What Golden Books?
Unbeknownst to me, most folks in A.A. have never heard of the Golden Books. Of course, I’m basing this conclusion inductively from a small representative, nonetheless the lack of online chatter and in the rooms blabber is enough supporting evidence.
So What? Who Cares?
I do believe the fellowship has limited itself by detaching from and mostly abandoning these wee little masterpieces. Not too long ago they were MUST READS, now the “musts” are simply accompanied by confusion.
So what does A.A. insist? What is the must of the MUSTS? Of the newcomer and the veteran the Big Book comments,
For a time he may try to hug the new treasure to himself. He may not see at once that he has barely scratched a limitless lode which will pay dividends only if he mines it for the rest of his life and insists on giving away the entire product.
Whereas the Big Book breaks the surface level and gives you the spiritual-mining-for-dummies, the Golden Books make you proficient in your craft. We’re talking heavy machinery, the center of the earth, B.P. drilling for soul satisfaction type of proficiency.
What Happened? Why The Dip In Popularity?
Undoubtedly, the religious nature of these books is what led to their abandonment. In a post-catholic America, they seemed no longer relevant or helpful. However, nothing could be further from the truth.
Briefly examined the titles:
- The Golden Book of Sanity
- The Golden Book of Attitudes
- The Golden Book of the Spiritual Side
- The Golden Book of Resentments
- The Golden Book of Principles
- The Golden Book of Living
- The Golden Book of Excuses
- The Golden Book of Sanctity
- The Golden Book of Happiness
- The Golden Book of Passion
- The Golden Book of Decisions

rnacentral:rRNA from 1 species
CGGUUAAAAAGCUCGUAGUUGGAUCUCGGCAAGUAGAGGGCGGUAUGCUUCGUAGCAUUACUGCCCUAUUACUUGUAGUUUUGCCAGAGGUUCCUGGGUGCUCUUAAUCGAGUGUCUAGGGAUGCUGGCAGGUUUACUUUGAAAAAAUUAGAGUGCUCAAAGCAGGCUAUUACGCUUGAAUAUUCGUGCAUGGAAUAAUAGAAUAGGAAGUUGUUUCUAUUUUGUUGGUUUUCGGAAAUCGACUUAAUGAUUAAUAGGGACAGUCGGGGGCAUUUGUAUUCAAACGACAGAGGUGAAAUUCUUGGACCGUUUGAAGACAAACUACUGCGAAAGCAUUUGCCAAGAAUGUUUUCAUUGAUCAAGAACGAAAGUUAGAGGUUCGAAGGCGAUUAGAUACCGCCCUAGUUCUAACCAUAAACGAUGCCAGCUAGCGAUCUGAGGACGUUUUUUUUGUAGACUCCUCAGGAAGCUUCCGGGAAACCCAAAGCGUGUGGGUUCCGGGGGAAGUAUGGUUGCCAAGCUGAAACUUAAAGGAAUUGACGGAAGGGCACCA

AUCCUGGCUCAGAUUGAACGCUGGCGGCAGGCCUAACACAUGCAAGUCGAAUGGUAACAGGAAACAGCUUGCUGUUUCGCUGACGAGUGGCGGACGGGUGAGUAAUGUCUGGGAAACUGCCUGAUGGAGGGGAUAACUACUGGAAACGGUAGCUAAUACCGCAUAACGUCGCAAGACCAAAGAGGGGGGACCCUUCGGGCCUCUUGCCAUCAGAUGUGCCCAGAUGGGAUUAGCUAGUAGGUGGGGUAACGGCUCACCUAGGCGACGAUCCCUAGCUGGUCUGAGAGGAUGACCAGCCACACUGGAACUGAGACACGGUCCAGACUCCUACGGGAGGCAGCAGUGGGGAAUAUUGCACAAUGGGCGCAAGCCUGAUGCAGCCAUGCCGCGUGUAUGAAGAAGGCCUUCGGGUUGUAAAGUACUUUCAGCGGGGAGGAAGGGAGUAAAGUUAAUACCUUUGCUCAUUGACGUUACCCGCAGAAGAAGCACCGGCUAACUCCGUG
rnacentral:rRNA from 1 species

- The Golden Book of Action
- The Golden Book of Tolerance
- The Golden Book of Sponsorship
The titles themselves present no religious overtones. Indeed, the above are qualities in which every person in recovery should strive to demonstrate. So what’s the qualm?
The Author Is Religious – The Content Is Religious
The author is Fr. Ralph Pfua. Yes, that is correct – a Catholic priest, perhaps the first in A.A, is the man who penned these classics.
Formally known as Fr. John Doe (how apropos), it’s little wonder that A.A. which is not anti-religious in nature but keeps a healthy distance from it (in theory), has similarly created a chasm between itself and the Golden Books.
Moreover, the gulf is not unreasonable, for the books have a heavy Catholic lingo and theological orientation but it is written for the laity (not scholarly or designed with the clergy in mind) and specifically non-religious folks in 12-Step recovery – yet the religious speech is enough to stir inordinate prejudice and ruffle a few feathers.
Can The Religious Divide Be Bridged?
Whereas IHOP is known for its pancakes, A.A. is known for its slogans. Yet, not all are helpful; sometimes they require extra attention and explanation. The one I want to target in this post is, “If it doesn’t apply, let it fly.”